Joel Sartore is a freelance photographer, writer, speaker, author and teacher who works alongside National Geographical. He specializes in photographing endangered species as part of his work in conservation. In order to document these species he created the project ‘The Photo Ark’ which has been ever growing since it was created 25 years ago.
In addition to the work he has done for National Geographic, Joel has contributed to Audubon Magazine, Geo, Sports Illustrated, The New York Times, the Smithsonian Magazine and numerous book projects. Joel and his work have been the subjects of several national broadcasts including National Geographic’s Explorer, the NBC Nightly News, NPR’s Weekend Edition, the Today Show and an hour-long PBS documentary, At Close Range. He is also a contributor on the CBS Sunday Morning Show.
Studio portraits of a half-day-old hatchling leatherback turtle (Dermochelys coriacea) from the wild in Bioko. (Image ID: ANI024-00503)
An endangered baby Bornean orangutan (Pongo pygmaeus) named Aurora, with her adoptive mother, Cheyenne, a Bornean/Sumatran cross (Pongo pygmaeus x abelii) at the Houston Zoo. (Not available for licensing.) (Image ID: ANI090-00001)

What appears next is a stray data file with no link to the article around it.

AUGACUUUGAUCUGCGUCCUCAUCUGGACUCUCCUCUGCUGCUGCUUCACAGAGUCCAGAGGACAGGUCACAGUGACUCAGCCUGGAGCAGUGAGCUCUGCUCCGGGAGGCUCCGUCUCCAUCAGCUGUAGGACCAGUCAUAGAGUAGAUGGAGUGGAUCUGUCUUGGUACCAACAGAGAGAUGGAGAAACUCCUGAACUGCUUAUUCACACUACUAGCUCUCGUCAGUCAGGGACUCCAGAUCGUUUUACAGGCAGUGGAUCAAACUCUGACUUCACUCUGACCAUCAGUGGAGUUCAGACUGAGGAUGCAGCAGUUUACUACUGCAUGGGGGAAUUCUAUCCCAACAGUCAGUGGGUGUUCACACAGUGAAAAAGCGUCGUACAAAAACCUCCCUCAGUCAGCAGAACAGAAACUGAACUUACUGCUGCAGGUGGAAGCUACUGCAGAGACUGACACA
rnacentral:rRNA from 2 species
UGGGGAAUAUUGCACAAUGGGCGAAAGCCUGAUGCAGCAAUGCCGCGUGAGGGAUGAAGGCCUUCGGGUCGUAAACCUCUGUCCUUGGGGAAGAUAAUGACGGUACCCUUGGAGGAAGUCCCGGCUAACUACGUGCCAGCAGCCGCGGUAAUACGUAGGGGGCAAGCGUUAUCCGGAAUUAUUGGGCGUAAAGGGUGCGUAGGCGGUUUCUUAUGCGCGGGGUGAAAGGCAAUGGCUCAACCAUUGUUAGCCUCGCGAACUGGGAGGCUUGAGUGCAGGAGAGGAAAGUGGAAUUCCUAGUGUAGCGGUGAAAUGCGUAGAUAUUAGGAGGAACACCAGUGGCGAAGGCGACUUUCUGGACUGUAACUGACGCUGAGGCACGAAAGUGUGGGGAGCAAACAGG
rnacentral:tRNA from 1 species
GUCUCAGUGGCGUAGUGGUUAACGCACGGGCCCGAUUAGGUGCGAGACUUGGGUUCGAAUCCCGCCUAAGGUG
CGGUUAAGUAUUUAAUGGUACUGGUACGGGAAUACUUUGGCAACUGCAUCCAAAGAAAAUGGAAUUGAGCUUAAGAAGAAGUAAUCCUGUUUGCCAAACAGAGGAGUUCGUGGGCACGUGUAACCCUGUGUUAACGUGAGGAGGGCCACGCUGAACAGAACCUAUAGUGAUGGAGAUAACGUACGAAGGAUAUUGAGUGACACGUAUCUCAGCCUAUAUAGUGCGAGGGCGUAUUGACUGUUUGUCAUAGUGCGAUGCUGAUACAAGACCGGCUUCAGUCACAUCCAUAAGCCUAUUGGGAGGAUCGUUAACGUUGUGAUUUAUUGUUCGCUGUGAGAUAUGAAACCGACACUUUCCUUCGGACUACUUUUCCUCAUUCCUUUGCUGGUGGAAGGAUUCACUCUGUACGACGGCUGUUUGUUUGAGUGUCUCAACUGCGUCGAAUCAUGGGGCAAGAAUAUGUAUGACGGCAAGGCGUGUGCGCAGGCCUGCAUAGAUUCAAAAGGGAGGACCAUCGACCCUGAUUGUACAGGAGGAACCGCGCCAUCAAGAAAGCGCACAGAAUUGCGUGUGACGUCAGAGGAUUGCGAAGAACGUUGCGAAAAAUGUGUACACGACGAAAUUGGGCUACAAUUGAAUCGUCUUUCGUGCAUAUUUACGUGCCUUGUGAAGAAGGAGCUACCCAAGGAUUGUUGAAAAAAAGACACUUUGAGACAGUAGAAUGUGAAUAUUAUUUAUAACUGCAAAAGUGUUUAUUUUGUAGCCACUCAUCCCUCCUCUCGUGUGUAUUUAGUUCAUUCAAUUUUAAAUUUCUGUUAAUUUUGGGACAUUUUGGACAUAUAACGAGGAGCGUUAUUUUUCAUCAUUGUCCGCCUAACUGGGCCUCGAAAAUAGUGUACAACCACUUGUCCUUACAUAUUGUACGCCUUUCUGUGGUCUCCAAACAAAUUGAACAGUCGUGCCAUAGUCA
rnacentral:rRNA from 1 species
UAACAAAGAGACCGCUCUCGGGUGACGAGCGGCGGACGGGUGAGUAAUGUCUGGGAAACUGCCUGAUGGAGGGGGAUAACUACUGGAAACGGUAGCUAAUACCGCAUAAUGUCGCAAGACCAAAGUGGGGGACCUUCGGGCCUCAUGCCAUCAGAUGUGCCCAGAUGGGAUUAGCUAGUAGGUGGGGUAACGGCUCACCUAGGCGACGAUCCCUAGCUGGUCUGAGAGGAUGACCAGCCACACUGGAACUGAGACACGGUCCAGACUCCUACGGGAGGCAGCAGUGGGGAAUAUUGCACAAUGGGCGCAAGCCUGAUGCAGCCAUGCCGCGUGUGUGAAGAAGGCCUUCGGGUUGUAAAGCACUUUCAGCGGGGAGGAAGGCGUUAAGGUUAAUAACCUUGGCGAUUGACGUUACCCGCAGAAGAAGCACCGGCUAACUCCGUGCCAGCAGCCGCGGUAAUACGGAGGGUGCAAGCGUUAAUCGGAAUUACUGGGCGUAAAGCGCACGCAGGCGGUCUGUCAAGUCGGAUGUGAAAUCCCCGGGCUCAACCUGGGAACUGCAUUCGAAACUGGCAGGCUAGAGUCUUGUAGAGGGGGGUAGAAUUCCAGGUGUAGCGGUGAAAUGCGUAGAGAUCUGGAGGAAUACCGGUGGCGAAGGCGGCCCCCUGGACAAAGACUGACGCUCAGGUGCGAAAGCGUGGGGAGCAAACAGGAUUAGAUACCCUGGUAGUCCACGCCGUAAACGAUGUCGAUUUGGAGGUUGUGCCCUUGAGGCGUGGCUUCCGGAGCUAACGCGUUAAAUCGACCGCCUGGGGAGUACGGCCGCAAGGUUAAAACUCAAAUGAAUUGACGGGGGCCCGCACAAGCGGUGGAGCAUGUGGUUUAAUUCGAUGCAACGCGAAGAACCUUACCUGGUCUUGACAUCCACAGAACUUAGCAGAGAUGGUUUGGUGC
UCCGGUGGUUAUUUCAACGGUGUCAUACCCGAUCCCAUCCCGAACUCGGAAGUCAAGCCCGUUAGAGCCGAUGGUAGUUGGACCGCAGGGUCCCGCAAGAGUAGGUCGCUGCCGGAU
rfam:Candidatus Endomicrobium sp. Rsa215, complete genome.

A giant panda (Ailuropoda melanoleuca) at Zoo Atlanta. This endangered species is native to China. (Image ID: ANI058-00042)
American flamingos (Phoenicopterus ruber) at the Lincoln Children’s Zoo. (Image ID: BIR035-00072)
Millions of monarch butterflies (Danaus plexippus) roost on the Sierra Chincua (Chincua mountain) near Angangueo, Mexico. This is one of five wintering roosts for monarchs, where the cool mountain climate slows their metabolism enough for them to overwinter before migrating back northward in the spring. Logging threatens this spectacle: already one of the five sites is no longer used by the butterflies due to the forest being cleared. (Image ID: ANI082-00116)